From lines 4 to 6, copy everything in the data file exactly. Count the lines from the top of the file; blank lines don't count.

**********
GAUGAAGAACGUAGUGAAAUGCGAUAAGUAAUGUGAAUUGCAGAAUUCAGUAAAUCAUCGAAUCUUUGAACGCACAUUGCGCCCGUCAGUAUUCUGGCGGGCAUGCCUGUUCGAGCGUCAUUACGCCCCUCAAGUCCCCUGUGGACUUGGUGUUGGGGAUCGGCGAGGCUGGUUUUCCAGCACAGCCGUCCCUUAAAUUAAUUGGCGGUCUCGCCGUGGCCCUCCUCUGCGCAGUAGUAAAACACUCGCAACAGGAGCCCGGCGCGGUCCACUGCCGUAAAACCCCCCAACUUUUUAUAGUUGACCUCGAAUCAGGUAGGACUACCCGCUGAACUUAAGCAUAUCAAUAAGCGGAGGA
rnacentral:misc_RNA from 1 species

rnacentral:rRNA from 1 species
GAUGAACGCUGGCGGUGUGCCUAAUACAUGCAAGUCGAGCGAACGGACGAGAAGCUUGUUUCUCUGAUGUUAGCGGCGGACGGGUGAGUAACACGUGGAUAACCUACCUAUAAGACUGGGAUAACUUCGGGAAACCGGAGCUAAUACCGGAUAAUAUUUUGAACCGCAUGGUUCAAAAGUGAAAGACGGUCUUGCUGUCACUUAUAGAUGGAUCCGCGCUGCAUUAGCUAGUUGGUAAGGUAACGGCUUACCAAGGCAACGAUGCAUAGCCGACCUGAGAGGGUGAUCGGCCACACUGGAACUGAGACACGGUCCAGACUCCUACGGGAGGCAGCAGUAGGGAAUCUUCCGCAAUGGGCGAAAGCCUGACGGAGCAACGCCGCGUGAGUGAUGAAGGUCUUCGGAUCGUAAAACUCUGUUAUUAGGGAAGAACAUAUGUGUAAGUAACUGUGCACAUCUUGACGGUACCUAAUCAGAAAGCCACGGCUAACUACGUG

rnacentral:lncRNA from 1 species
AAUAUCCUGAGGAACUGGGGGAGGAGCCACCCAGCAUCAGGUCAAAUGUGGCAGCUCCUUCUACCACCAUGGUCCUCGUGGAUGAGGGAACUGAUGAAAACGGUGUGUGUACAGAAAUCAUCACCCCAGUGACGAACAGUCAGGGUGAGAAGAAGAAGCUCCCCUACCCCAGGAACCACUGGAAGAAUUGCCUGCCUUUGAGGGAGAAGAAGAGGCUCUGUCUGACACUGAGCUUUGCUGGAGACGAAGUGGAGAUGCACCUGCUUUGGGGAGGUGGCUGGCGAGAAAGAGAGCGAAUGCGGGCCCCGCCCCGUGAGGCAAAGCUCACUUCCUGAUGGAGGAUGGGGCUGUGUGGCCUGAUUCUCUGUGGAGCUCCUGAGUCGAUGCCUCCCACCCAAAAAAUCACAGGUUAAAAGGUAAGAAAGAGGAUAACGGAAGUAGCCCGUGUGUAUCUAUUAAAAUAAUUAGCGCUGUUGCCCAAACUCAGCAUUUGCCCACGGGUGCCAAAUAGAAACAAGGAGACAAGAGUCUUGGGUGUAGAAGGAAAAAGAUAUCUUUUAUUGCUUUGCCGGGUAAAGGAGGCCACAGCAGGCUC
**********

GAUGAACGCUGGCGGUGUGCCUAAUACAUGCAAGUCGAGCGAACGGACGAGAAGCUUGUUUCUCUGAUGUUAGCGGCGGACGGGUGAGUAACACGUGGAUAACCUACCUAUAAGACUGGGAUAACUUCGGGAAACCGGAGCUAAUACCGGAUAAUAUUUUGAACCGCAUGGUUCAAAAGUGAAAGACGGUCUUGCUGUCACUUAUAGAUGGAUCCGCGCUGCAUUAGCUAGUUGGUAAGGUAACGGCUUACCAAGGCAACGAUGCAUAGCCGACCUGAGAGGGUGAUCGGCCACACUGGAACUGAGACACGGUCCAGACUCCUACGGGAGGCAGCAGUAGGGAAUCUUCCGCAAUGGGCGAAAGCCUGACGGAGCAACGCCGCGUGAGUGAUGAAGGUCUUCGGAUCGUAAAACUCUGUUAUUAGGGAAGAACAUAUGUGUAAGUAACUGUGCACAUCUUGACGGUACCUAAUCAGAAAGCCACGGCUAACUACGUG

rnacentral:lncRNA from 1 species
AAUAUCCUGAGGAACUGGGGGAGGAGCCACCCAGCAUCAGGUCAAAUGUGGCAGCUCCUUCUACCACCAUGGUCCUCGUGGAUGAGGGAACUGAUGAAAACGGUGUGUGUACAGAAAUCAUCACCCCAGUGACGAACAGUCAGGGUGAGAAGAAGAAGCUCCCCUACCCCAGGAACCACUGGAAGAAUUGCCUGCCUUUGAGGGAGAAGAAGAGGCUCUGUCUGACACUGAGCUUUGCUGGAGACGAAGUGGAGAUGCACCUGCUUUGGGGAGGUGGCUGGCGAGAAAGAGAGCGAAUGCGGGCCCCGCCCCGUGAGGCAAAGCUCACUUCCUGAUGGAGGAUGGGGCUGUGUGGCCUGAUUCUCUGUGGAGCUCCUGAGUCGAUGCCUCCCACCCAAAAAAUCACAGGUUAAAAGGUAAGAAAGAGGAUAACGGAAGUAGCCCGUGUGUAUCUAUUAAAAUAAUUAGCGCUGUUGCCCAAACUCAGCAUUUGCCCACGGGUGCCAAAUAGAAACAAGGAGACAAGAGUCUUGGGUGUAGAAGGAAAAAGAUAUCUUUUAUUGCUUUGCCGGGUAAAGGAGGCCACAGCAGGCUC